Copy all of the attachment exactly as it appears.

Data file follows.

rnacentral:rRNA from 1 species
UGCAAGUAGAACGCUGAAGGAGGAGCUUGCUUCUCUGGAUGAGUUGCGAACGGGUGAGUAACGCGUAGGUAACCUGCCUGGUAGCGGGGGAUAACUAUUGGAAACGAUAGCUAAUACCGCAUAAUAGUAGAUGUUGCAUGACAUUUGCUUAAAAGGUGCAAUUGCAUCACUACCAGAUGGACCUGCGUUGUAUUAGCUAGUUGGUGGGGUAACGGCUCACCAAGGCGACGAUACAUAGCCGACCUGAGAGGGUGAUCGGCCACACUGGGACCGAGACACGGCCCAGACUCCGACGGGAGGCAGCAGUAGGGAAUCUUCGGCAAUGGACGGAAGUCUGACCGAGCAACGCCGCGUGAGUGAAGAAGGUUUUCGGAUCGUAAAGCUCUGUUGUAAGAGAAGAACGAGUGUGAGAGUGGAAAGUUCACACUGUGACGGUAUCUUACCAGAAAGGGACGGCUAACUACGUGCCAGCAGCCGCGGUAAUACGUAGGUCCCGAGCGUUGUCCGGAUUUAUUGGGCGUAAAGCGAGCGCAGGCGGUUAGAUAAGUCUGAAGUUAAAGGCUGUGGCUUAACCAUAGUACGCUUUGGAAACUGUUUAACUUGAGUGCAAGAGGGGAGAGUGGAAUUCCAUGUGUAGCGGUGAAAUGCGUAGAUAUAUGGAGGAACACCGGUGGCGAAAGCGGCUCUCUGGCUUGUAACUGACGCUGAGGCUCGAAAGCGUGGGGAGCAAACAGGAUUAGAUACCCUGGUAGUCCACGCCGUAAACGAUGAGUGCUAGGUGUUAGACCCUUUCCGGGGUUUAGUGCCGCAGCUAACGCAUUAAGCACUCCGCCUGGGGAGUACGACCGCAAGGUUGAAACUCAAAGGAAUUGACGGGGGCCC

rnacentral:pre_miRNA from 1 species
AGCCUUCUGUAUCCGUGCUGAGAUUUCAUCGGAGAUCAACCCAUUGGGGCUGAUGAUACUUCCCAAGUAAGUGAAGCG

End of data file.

rnacentral:rRNA from 1 species
UGCAAGUAGAACGCUGAAGGAGGAGCUUGCUUCUCUGGAUGAGUUGCGAACGGGUGAGUAACGCGUAGGUAACCUGCCUGGUAGCGGGGGAUAACUAUUGGAAACGAUAGCUAAUACCGCAUAAUAGUAGAUGUUGCAUGACAUUUGCUUAAAAGGUGCAAUUGCAUCACUACCAGAUGGACCUGCGUUGUAUUAGCUAGUUGGUGGGGUAACGGCUCACCAAGGCGACGAUACAUAGCCGACCUGAGAGGGUGAUCGGCCACACUGGGACCGAGACACGGCCCAGACUCCGACGGGAGGCAGCAGUAGGGAAUCUUCGGCAAUGGACGGAAGUCUGACCGAGCAACGCCGCGUGAGUGAAGAAGGUUUUCGGAUCGUAAAGCUCUGUUGUAAGAGAAGAACGAGUGUGAGAGUGGAAAGUUCACACUGUGACGGUAUCUUACCAGAAAGGGACGGCUAACUACGUGCCAGCAGCCGCGGUAAUACGUAGGUCCCGAGCGUUGUCCGGAUUUAUUGGGCGUAAAGCGAGCGCAGGCGGUUAGAUAAGUCUGAAGUUAAAGGCUGUGGCUUAACCAUAGUACGCUUUGGAAACUGUUUAACUUGAGUGCAAGAGGGGAGAGUGGAAUUCCAUGUGUAGCGGUGAAAUGCGUAGAUAUAUGGAGGAACACCGGUGGCGAAAGCGGCUCUCUGGCUUGUAACUGACGCUGAGGCUCGAAAGCGUGGGGAGCAAACAGGAUUAGAUACCCUGGUAGUCCACGCCGUAAACGAUGAGUGCUAGGUGUUAGACCCUUUCCGGGGUUUAGUGCCGCAGCUAACGCAUUAAGCACUCCGCCUGGGGAGUACGACCGCAAGGUUGAAACUCAAAGGAAUUGACGGGGGCCC

rnacentral:pre_miRNA from 1 species
AGCCUUCUGUAUCCGUGCUGAGAUUUCAUCGGAGAUCAACCCAUUGGGGCUGAUGAUACUUCCCAAGUAAGUGAAGCG